Anticonvulsant effects of cannabinoids in mice: Drug interactions within cannabinoids and cannabinoid interactions with phenytoin
- 172 Downloads
The anticonvulsant activity of orally administered δ9-tetrahydrocannabinol (δ9-THC), δ8-THC, cannabidiol (CBD) and cannabinol (CBN) was tested in mice utilizing electroshock and chemoshock methods. In doses tested δ9-THC afforded no protection to mice from chemoshock seizures and was effective against electroshock only in high doses (160–200 mg/kg). CBD and CBN (150–200 mg/kg) were without effect in both tests.
An interaction between cannbinoids was apparent when all three were administered simultaneously (each at 50 mg/kg) because this combination produced a significant reduction in the duration of the hind-limb extensor phase of the electroshock seizures.
The administration of δ9-THC significantly potentiated the anticonvulsant effectiveness of phenytoin against electroshock seizures and this effect was further potentiated by the concurrent administration of CBD. Whilst the potentiation of phenytoin by δ9-THC (50 mg/kg) was of the order of 1.5 times, the combination of δ-9THC and CBD (each 50 mg/kg) produced a four-fold potentiation.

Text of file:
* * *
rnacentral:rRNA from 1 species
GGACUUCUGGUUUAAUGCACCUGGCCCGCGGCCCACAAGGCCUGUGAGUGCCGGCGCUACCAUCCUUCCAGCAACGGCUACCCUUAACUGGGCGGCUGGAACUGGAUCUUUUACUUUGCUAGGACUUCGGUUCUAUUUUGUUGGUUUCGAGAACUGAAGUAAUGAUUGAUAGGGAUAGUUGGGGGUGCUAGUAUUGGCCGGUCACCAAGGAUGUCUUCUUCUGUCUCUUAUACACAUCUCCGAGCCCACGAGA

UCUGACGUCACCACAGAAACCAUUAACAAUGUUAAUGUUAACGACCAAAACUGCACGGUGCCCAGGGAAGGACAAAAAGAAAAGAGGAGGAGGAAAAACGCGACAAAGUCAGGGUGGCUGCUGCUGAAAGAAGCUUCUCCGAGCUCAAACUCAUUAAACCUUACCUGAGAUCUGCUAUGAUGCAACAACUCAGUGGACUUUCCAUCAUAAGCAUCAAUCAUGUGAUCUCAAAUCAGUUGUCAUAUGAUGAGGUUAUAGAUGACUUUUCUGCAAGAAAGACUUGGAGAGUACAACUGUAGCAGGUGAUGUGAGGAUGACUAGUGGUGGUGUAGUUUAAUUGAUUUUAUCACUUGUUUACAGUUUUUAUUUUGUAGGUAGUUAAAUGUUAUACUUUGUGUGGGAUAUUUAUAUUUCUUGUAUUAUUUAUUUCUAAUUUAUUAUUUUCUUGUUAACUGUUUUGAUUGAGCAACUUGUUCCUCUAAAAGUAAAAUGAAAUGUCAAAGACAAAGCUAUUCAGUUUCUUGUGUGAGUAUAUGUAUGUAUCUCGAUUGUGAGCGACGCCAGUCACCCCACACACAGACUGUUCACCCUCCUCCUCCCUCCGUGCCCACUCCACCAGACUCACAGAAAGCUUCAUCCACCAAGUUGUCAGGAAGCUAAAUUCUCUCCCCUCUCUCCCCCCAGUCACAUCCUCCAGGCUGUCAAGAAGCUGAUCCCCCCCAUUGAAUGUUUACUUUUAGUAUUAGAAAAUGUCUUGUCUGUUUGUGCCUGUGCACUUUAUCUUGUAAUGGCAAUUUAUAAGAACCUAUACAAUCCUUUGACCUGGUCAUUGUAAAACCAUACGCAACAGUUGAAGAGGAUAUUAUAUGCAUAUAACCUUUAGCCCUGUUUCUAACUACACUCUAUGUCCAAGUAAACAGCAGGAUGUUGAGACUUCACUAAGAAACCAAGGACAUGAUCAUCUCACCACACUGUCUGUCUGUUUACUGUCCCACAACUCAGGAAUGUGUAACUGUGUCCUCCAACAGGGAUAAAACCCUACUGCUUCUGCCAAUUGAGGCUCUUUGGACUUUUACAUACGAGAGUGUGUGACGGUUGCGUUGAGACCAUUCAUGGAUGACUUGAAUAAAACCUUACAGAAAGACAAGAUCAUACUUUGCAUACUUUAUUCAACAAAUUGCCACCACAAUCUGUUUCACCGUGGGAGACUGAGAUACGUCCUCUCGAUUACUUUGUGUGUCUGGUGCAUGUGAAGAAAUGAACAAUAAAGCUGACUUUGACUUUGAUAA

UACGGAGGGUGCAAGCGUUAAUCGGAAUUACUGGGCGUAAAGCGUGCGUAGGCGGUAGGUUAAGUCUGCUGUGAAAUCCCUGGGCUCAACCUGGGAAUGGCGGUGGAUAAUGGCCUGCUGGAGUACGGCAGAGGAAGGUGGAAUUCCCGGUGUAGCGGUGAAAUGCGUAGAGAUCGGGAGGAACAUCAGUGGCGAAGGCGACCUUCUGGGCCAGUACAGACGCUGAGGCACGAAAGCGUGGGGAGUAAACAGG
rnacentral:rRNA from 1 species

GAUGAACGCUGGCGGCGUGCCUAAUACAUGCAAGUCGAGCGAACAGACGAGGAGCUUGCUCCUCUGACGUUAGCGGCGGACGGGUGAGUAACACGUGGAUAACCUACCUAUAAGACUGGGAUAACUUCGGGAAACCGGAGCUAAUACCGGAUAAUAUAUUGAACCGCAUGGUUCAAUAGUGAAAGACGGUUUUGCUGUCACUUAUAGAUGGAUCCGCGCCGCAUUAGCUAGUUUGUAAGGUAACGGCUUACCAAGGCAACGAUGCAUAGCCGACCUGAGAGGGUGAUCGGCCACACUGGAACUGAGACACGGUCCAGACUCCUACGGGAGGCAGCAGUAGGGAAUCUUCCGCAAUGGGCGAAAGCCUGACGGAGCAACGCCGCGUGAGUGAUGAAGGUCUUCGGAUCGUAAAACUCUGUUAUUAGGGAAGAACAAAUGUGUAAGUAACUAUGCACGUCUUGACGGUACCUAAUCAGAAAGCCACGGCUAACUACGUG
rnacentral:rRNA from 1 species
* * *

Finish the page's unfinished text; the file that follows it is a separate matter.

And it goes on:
Neither within-cannabinoid interaction nor cannabinoid potentiation of phenobarbitone effectiveness could be demonstrated in chemoshock tests.
The mechanism of the cannabinoid facilitation of phenytoin is unknown but it possibly involves activity at central nervous system level rather than being a metabolic interaction. This drug interaction may have potential clinical significance.
Key wordsδ9-Tetrahydrocannabinol Cannabidiol Cannabinol Phenytoin Phenobarbitone Anticonvulsant Drug-Interactions
Unable to display preview. Download preview PDF.
- Anderson, P. F., Jackson, D. M., Chesher, G. B.: The interaction of δ 9-tetrahydrocannabinol and cannabidiol on intestinal motility in mice. J. Pharm. Pharmacol. 26, 136–137 (1974)Google Scholar
- Brown, W. C.: Unpublished observations (1952) cited by Swinyard et al. (1952)Google Scholar
- Carlini, E. A., Leite, J. R., Tannhauser, M., Berardi, A. C.: Cannabinol and Cannabis sativa extract protect mice and rats against convulsive agents. J. Pharm. Pharmacol. 25, 664–665 (1973)Google Scholar
- Chesher, G. B., Jackson, D. M., Starmer, G. A.: Interaction of cannabis and general anaesthetic agents in mice. Brit. J. Pharmacol. (in press) (1974)Google Scholar
- Cohen, G. M., Peterson, D. W., Mannering, G. J.: Interactions of δ 8-tetrahydrocannabinol with the hepatic microsomal drug metabolizing system. Life Sci. 10, 1207–1215 (1971)Google Scholar
- Consroe, P. F., Man, D. P.: Effects of δ 9 and δ 8-tetrahydrocannabinol on experimentally induced seizures. Life Sci. 13, 429–439 (1973)Google Scholar
- Davis, J. P., Ramsey, H.H.: Antiepileptic action of marihuana-active substances. Fed. Proc. 8, 284–285 (1949)Google Scholar
- Dingel, J. V., Miller, K. W., Heath, E. C., Klausner, H. A.: The intracellular localization of δ 9-tetrahydrocannabinol in liver and its effects on drug metabolism in vitro. Biochem. Pharmacol. 22, 949–958 (1973)Google Scholar